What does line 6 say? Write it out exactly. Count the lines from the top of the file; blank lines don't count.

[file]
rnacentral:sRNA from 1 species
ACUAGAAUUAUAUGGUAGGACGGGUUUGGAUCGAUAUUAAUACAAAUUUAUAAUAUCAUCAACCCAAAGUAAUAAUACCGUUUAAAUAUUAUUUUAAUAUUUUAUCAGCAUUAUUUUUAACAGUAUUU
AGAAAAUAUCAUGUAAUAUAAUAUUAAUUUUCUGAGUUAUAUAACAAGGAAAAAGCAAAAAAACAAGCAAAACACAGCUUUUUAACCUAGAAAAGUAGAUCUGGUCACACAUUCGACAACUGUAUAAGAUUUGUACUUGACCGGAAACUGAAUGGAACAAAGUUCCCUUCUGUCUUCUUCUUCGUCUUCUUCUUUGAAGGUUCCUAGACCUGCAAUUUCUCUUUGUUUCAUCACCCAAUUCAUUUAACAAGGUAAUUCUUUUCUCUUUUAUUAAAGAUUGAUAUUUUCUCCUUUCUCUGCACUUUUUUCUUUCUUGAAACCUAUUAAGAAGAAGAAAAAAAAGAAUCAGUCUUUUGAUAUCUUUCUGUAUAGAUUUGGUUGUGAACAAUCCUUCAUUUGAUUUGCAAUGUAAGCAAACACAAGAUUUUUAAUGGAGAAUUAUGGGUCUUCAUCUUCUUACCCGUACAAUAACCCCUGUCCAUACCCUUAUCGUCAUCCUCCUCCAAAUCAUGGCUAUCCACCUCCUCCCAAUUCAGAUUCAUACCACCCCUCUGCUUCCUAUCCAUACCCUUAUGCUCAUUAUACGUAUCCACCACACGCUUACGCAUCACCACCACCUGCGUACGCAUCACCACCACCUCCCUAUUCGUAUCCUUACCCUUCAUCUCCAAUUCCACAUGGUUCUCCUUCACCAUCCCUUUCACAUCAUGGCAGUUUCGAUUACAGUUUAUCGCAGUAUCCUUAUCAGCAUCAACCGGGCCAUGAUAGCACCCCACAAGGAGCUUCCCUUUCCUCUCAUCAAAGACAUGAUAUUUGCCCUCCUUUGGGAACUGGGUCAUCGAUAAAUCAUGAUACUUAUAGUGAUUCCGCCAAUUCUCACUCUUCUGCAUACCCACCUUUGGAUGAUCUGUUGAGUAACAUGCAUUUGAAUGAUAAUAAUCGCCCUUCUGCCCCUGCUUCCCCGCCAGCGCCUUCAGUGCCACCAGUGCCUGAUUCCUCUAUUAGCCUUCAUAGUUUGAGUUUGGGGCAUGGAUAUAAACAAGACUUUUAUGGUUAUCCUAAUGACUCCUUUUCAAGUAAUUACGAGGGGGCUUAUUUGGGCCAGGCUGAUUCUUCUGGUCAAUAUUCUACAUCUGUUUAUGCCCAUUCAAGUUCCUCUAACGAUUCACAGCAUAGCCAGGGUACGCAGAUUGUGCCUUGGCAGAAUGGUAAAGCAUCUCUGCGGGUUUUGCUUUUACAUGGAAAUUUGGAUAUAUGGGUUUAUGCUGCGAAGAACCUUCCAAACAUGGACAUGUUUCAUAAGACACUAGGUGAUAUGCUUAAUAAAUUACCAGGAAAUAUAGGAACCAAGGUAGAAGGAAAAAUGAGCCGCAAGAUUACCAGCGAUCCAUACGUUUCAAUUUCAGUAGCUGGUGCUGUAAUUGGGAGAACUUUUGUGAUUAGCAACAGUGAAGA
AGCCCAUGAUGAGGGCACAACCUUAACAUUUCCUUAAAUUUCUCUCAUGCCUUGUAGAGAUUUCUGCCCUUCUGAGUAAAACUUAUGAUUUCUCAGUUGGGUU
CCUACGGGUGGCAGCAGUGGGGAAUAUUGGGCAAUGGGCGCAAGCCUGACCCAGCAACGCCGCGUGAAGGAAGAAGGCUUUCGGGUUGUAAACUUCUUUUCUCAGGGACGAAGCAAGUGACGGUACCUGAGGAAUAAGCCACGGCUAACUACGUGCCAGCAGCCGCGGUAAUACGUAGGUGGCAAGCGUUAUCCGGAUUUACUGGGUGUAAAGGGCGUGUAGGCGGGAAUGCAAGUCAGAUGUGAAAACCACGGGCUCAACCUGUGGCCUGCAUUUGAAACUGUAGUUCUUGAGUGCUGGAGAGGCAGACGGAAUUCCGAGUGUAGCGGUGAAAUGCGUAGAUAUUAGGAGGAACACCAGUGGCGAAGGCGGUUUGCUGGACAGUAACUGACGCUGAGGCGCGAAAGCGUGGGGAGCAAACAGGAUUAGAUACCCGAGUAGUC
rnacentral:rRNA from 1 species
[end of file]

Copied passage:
rnacentral:rRNA from 1 species